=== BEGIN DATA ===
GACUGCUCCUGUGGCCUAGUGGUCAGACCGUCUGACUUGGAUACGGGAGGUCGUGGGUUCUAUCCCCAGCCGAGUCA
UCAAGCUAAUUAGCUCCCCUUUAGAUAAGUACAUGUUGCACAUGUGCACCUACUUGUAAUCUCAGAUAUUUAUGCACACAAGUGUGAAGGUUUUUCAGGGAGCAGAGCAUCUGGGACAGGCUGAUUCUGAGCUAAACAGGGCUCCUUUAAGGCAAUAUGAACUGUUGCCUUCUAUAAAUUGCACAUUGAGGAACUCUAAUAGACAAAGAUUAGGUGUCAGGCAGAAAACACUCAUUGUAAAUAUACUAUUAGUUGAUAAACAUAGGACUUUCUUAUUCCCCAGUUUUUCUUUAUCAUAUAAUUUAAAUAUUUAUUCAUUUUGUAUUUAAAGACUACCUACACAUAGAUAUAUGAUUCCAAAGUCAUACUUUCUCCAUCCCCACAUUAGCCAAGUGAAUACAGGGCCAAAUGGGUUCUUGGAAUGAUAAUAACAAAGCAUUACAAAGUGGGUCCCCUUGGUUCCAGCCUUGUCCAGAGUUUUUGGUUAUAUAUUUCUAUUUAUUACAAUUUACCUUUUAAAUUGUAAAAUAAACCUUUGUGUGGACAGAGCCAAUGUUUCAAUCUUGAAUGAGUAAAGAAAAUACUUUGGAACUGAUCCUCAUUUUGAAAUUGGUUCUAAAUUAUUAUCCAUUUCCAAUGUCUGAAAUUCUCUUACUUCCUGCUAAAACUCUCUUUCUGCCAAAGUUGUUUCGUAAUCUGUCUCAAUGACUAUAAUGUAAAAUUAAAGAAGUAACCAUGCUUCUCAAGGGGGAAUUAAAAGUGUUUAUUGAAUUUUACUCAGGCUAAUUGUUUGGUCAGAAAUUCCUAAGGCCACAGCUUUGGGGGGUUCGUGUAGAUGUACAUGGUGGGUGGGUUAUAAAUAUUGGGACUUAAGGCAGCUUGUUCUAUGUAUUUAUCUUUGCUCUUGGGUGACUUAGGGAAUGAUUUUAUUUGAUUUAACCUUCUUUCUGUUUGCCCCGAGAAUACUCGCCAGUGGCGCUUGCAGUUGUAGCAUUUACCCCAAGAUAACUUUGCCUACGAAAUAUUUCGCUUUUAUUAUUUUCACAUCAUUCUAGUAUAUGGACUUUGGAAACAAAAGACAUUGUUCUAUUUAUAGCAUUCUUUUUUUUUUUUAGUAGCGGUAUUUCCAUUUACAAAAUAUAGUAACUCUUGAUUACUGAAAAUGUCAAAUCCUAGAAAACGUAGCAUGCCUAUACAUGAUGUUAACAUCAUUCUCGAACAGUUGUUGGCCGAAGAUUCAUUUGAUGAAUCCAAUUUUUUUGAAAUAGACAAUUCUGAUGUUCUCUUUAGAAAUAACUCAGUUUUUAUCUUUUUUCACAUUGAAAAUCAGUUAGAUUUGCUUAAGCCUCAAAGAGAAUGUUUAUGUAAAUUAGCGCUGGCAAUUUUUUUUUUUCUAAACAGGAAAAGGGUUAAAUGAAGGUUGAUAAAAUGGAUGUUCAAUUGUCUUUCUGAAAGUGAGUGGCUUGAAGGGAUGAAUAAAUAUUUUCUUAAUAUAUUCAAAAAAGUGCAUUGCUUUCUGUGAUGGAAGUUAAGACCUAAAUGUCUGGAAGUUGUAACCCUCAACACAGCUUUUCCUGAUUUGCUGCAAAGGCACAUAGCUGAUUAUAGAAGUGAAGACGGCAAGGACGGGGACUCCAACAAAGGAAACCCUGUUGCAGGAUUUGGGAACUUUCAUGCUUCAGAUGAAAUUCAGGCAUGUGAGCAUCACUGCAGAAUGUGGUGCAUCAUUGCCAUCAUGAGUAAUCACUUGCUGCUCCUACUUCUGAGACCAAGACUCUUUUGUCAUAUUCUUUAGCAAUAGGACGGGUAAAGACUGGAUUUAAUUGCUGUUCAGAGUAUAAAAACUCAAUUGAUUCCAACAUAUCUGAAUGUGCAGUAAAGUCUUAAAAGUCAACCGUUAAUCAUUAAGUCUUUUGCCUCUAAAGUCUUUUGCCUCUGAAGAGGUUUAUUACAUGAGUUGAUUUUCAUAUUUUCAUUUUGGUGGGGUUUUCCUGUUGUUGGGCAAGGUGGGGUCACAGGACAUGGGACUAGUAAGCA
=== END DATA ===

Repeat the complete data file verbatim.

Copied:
GACUGCUCCUGUGGCCUAGUGGUCAGACCGUCUGACUUGGAUACGGGAGGUCGUGGGUUCUAUCCCCAGCCGAGUCA
UCAAGCUAAUUAGCUCCCCUUUAGAUAAGUACAUGUUGCACAUGUGCACCUACUUGUAAUCUCAGAUAUUUAUGCACACAAGUGUGAAGGUUUUUCAGGGAGCAGAGCAUCUGGGACAGGCUGAUUCUGAGCUAAACAGGGCUCCUUUAAGGCAAUAUGAACUGUUGCCUUCUAUAAAUUGCACAUUGAGGAACUCUAAUAGACAAAGAUUAGGUGUCAGGCAGAAAACACUCAUUGUAAAUAUACUAUUAGUUGAUAAACAUAGGACUUUCUUAUUCCCCAGUUUUUCUUUAUCAUAUAAUUUAAAUAUUUAUUCAUUUUGUAUUUAAAGACUACCUACACAUAGAUAUAUGAUUCCAAAGUCAUACUUUCUCCAUCCCCACAUUAGCCAAGUGAAUACAGGGCCAAAUGGGUUCUUGGAAUGAUAAUAACAAAGCAUUACAAAGUGGGUCCCCUUGGUUCCAGCCUUGUCCAGAGUUUUUGGUUAUAUAUUUCUAUUUAUUACAAUUUACCUUUUAAAUUGUAAAAUAAACCUUUGUGUGGACAGAGCCAAUGUUUCAAUCUUGAAUGAGUAAAGAAAAUACUUUGGAACUGAUCCUCAUUUUGAAAUUGGUUCUAAAUUAUUAUCCAUUUCCAAUGUCUGAAAUUCUCUUACUUCCUGCUAAAACUCUCUUUCUGCCAAAGUUGUUUCGUAAUCUGUCUCAAUGACUAUAAUGUAAAAUUAAAGAAGUAACCAUGCUUCUCAAGGGGGAAUUAAAAGUGUUUAUUGAAUUUUACUCAGGCUAAUUGUUUGGUCAGAAAUUCCUAAGGCCACAGCUUUGGGGGGUUCGUGUAGAUGUACAUGGUGGGUGGGUUAUAAAUAUUGGGACUUAAGGCAGCUUGUUCUAUGUAUUUAUCUUUGCUCUUGGGUGACUUAGGGAAUGAUUUUAUUUGAUUUAACCUUCUUUCUGUUUGCCCCGAGAAUACUCGCCAGUGGCGCUUGCAGUUGUAGCAUUUACCCCAAGAUAACUUUGCCUACGAAAUAUUUCGCUUUUAUUAUUUUCACAUCAUUCUAGUAUAUGGACUUUGGAAACAAAAGACAUUGUUCUAUUUAUAGCAUUCUUUUUUUUUUUUAGUAGCGGUAUUUCCAUUUACAAAAUAUAGUAACUCUUGAUUACUGAAAAUGUCAAAUCCUAGAAAACGUAGCAUGCCUAUACAUGAUGUUAACAUCAUUCUCGAACAGUUGUUGGCCGAAGAUUCAUUUGAUGAAUCCAAUUUUUUUGAAAUAGACAAUUCUGAUGUUCUCUUUAGAAAUAACUCAGUUUUUAUCUUUUUUCACAUUGAAAAUCAGUUAGAUUUGCUUAAGCCUCAAAGAGAAUGUUUAUGUAAAUUAGCGCUGGCAAUUUUUUUUUUUCUAAACAGGAAAAGGGUUAAAUGAAGGUUGAUAAAAUGGAUGUUCAAUUGUCUUUCUGAAAGUGAGUGGCUUGAAGGGAUGAAUAAAUAUUUUCUUAAUAUAUUCAAAAAAGUGCAUUGCUUUCUGUGAUGGAAGUUAAGACCUAAAUGUCUGGAAGUUGUAACCCUCAACACAGCUUUUCCUGAUUUGCUGCAAAGGCACAUAGCUGAUUAUAGAAGUGAAGACGGCAAGGACGGGGACUCCAACAAAGGAAACCCUGUUGCAGGAUUUGGGAACUUUCAUGCUUCAGAUGAAAUUCAGGCAUGUGAGCAUCACUGCAGAAUGUGGUGCAUCAUUGCCAUCAUGAGUAAUCACUUGCUGCUCCUACUUCUGAGACCAAGACUCUUUUGUCAUAUUCUUUAGCAAUAGGACGGGUAAAGACUGGAUUUAAUUGCUGUUCAGAGUAUAAAAACUCAAUUGAUUCCAACAUAUCUGAAUGUGCAGUAAAGUCUUAAAAGUCAACCGUUAAUCAUUAAGUCUUUUGCCUCUAAAGUCUUUUGCCUCUGAAGAGGUUUAUUACAUGAGUUGAUUUUCAUAUUUUCAUUUUGGUGGGGUUUUCCUGUUGUUGGGCAAGGUGGGGUCACAGGACAUGGGACUAGUAAGCA